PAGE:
An epic documentary series captures never-seen footage of some of the planet's most remarkable species.
A great white shark devouring an elephant seal, Mali elephants paying tribute to a calf that died in the scorching sun, massive numbers of white-eared kob of the Sudan thought to have been wiped out during 20 years of violent unrest -- these are just some of the breathtaking images captured in National Geographic's epic new series, Great Migrations.
The staggering series, filmed over a two-year period, captures wildlife in vast numbers as animals migrate from location to location. It is the most ambitious project ever undertaken in National Geographic's 122-year history.
Producer David Hamlin says advancements in science and technology have helped create a lavish document of the world's species, with images in extraordinary detail including some captured via the first radio transmitter attached to a butterfly.
"It was a tiny little radio transmitter. The world of miniaturisation has not gone unnoticed in the scientific community: the people who study migrations, the people that study insects. It was the first radio tag on a monarch," he says.
"It's incredibly tiny, it's got this little antenna on the back and it's absolutely remarkable, and it's a really great scene. The scientist who did it his name is Martin Wikelski from Princeton University.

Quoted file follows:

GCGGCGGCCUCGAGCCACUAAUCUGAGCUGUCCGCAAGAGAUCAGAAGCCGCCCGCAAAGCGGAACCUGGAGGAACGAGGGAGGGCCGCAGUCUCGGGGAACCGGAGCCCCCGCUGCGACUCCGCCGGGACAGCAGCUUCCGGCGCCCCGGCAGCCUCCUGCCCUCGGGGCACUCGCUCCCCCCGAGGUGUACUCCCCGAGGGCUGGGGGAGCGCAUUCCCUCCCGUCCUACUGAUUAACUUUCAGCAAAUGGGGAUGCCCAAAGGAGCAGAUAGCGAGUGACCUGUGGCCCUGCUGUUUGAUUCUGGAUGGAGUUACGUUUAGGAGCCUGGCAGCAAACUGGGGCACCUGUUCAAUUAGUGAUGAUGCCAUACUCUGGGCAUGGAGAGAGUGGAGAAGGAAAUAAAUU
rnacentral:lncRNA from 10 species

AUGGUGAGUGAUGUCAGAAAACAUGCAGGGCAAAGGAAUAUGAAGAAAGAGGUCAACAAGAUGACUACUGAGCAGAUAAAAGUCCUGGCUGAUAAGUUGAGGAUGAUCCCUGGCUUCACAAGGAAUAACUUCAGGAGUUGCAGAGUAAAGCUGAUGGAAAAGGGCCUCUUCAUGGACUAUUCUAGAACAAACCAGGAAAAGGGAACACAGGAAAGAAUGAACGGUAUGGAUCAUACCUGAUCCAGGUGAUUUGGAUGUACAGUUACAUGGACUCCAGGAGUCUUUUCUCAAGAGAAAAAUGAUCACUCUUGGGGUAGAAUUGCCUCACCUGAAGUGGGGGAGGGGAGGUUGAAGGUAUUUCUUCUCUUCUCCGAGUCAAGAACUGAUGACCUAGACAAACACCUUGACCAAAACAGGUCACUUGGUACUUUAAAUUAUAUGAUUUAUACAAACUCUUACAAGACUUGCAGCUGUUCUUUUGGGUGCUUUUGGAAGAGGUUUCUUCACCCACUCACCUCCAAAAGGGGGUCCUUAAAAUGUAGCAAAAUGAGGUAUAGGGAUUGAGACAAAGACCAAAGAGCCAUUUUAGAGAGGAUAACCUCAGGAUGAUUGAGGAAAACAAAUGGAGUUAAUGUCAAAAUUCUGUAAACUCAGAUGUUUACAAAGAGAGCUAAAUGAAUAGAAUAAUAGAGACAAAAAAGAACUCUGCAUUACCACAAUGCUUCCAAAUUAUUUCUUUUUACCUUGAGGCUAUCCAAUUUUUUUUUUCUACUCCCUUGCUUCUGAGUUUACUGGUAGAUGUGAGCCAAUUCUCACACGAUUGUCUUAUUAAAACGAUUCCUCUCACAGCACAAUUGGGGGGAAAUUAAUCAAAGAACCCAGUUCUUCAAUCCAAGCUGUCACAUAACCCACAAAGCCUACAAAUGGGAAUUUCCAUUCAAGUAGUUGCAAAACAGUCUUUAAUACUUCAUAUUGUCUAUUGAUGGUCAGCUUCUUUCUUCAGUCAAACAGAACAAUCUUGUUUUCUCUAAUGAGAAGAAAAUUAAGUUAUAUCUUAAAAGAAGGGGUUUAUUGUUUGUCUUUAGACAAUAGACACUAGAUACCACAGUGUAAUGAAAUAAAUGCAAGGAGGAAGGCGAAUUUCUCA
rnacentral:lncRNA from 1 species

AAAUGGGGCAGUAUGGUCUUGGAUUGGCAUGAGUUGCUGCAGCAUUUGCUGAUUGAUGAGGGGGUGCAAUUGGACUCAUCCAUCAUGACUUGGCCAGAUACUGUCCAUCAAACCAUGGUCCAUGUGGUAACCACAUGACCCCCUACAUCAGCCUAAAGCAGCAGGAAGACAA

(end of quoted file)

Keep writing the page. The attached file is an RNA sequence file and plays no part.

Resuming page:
"He's like this giddy child when he releases that monarch and it flies away you can tell it was the greatest moment in his career. It's going to reveal incredible data for us about not just where these animals move but how they move."
"How many calories the animals burn to get up and go and do what they do? How many wing beats does it take for a monarch, how many hoof beats if you're a wildebeest?" asks Hamlin.
"That whole (scientific) universe is revealing a lot of information and it's playing heavily into what I hope is one of the big things we do in the series, which is rewrite the term 'migration' for people. It requires a real rethink, me included."
The series also features two Australian migrations, flying foxes in Queensland and Christmas Island's dinner plate-sized red crabs that travel en masse from interior forests to mate on the beaches, braving intense battles with ferocious yellow ants.
"I thought everybody knew about the crabs and I've learned that here not everybody knows about this magnificent tale in their backyard. I guess Christmas Island is known for some modern political realities," Hamlin admits.
"But if I can, any role I play in having people recognise this as a magnificent wonder and the incredible dramas being played out on the forest floor of that island, I'd be very proud."
Great Migrations will premiere globally, airing in Australia at 7:30pm and in the UK at 9pm on Sunday, November 7 on National Geographic.